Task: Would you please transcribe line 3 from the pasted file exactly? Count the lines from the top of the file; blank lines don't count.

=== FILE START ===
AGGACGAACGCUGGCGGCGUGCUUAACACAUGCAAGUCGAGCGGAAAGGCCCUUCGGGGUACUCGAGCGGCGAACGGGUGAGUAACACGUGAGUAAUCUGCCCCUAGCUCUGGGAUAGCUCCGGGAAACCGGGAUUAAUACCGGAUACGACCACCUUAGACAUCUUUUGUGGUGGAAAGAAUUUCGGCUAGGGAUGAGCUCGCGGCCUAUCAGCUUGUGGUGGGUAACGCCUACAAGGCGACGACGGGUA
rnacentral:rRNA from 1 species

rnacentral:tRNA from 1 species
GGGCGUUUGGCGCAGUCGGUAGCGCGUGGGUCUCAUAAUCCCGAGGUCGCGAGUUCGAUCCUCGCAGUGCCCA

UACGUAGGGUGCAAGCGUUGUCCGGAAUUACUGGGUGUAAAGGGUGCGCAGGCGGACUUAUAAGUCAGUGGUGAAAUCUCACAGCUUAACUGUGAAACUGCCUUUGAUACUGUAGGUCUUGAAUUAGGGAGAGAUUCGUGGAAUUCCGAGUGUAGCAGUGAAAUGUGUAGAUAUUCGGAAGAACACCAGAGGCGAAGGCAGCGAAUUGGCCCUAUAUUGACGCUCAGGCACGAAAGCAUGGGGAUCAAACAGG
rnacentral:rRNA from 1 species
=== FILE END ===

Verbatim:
rnacentral:tRNA from 1 species